5 Ways Companies are Dealing With the Data Storage Talent Shortage

The shortage of talent in the data storage job market is causing corporate IT departments  to reconsider how they attract storage specialists from the limited tech pool. 

Since the Great Resignation shows no signs of slowing down, enterprises are scrambling to recruit and retain the best employees. Storage teams  in particular need personnel to manage all the data that’s being created, including by remote workforces and the ensuing unstructured data driven by the pandemic. 

Enterprises are recognizing and implementing several methods to find storage employees who will invest in the organization and market: 

Ways Companies are Dealing With the Data Storage Talent Shortage

  1. The Need for Automation
  2. Remote Hiring and Working
  3. The Underrated Value of a Meaningful Cause
  4. Providing Valuable Benefits and Stability in an Unstable Job Market
  5. Company Culture is Key

1. The Need for Automation

Uptime Institute, a standards organization for digital infrastructure design and operation, published a report that discusses the state of data centers in 2021, including operators’ struggles hiring and retaining employees. It highlights one sector of the tech industry’s larger talent problem. 

Forty-seven percent of surveyed data center operators said that it was difficult to find qualified individuals for data center roles, according to the report. And 32% had trouble retaining employees, seeing their workers leave for another company. Uptime Institute also points out that in older data center markets, many employees will be retiring soon, leaving skill and experience holes to fill.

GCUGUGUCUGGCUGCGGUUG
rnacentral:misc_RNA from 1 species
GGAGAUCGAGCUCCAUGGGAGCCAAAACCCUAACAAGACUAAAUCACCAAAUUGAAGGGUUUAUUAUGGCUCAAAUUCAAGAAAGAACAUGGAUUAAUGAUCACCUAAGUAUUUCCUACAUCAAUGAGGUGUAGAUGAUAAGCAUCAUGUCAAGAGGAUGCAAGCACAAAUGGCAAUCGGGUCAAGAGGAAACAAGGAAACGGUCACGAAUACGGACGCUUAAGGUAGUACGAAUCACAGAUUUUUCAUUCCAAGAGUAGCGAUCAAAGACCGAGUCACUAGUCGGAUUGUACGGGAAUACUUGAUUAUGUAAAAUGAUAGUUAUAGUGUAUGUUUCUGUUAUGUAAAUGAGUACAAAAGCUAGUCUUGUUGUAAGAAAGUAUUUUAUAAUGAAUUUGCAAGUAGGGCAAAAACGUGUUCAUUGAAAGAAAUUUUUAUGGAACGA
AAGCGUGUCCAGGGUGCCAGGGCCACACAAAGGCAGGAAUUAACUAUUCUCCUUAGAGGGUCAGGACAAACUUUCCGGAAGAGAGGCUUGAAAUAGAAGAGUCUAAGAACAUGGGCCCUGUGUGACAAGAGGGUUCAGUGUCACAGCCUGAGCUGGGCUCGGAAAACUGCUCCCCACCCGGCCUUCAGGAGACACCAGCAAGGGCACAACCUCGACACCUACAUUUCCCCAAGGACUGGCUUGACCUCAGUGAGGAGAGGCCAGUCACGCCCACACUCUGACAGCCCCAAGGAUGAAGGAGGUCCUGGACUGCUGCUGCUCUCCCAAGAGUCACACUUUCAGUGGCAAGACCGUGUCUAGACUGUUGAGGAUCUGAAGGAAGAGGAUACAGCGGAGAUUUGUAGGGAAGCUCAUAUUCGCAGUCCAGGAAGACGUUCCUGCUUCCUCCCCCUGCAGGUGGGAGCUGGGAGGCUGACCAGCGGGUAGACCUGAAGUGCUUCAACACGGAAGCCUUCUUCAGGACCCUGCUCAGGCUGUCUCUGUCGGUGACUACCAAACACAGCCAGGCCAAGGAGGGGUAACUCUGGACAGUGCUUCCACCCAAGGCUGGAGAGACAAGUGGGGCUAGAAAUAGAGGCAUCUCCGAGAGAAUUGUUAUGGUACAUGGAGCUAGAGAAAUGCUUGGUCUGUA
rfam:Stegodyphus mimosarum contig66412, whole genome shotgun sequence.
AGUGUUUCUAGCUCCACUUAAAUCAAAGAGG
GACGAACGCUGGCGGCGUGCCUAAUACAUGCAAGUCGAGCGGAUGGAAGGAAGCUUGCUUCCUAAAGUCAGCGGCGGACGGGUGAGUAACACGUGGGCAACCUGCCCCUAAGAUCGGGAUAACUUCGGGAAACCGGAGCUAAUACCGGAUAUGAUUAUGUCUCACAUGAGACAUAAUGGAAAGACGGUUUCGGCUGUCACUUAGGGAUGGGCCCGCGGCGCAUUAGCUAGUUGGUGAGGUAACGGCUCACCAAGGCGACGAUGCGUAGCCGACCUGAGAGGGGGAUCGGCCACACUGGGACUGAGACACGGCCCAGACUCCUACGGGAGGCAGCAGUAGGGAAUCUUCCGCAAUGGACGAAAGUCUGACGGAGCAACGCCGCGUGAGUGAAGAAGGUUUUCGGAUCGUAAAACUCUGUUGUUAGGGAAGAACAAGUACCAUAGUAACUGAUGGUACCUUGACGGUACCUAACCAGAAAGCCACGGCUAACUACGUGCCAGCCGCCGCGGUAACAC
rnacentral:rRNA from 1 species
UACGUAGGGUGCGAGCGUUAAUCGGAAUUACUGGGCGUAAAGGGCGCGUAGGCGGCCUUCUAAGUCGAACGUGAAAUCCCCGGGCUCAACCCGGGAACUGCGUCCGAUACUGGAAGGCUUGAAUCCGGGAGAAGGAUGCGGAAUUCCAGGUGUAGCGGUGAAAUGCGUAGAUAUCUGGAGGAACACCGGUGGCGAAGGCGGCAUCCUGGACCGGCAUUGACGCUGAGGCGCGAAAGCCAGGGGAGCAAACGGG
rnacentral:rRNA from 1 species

Operators found it unlikely that artificial intelligence (AI) technologies would immediately replace human staff; AI isn’t developed enough yet, nor do people know enough about mitigating the risks associated with using machines to make high-level decisions.

However, automation will still be critical for enterprises struggling to staff their data centers and storage teams. This might look like:

  • Engineers hired to develop programs that automate cloud migrations
  • Improvements made to storage networks, so data is more efficiently transferred 
  • Alerts designed to immediately notify storage administrators if a security breach is detected
  • Technology that shifts workloads to the right server or data stores to the best location 

Storage companies will hire human employees to build out their automated and artificial intelligence systems, so that soon, technology can perform rote jobs and leave higher-level work to employees.  

Also read: Implementing Storage Automation in Data Centers

2. Remote Hiring and Working 

Although many enterprises are transitioning to a hybrid or remote work plan, the technology industry particularly benefits from a remote shift. The tech job market, including storage, is highly competitive, according to Brent Skalicky, the chief human resources officer at data protection company Arcserve.